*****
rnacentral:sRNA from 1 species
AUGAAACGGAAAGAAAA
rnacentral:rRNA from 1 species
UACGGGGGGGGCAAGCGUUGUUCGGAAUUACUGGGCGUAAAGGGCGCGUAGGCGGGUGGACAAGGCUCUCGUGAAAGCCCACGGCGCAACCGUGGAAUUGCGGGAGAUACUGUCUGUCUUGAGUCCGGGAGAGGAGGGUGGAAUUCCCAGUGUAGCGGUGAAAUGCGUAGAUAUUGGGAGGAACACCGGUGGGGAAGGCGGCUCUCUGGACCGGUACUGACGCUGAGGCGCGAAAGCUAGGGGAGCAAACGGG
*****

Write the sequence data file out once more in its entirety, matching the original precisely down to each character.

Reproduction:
rnacentral:sRNA from 1 species
AUGAAACGGAAAGAAAA
rnacentral:rRNA from 1 species
UACGGGGGGGGCAAGCGUUGUUCGGAAUUACUGGGCGUAAAGGGCGCGUAGGCGGGUGGACAAGGCUCUCGUGAAAGCCCACGGCGCAACCGUGGAAUUGCGGGAGAUACUGUCUGUCUUGAGUCCGGGAGAGGAGGGUGGAAUUCCCAGUGUAGCGGUGAAAUGCGUAGAUAUUGGGAGGAACACCGGUGGGGAAGGCGGCUCUCUGGACCGGUACUGACGCUGAGGCGCGAAAGCUAGGGGAGCAAACGGG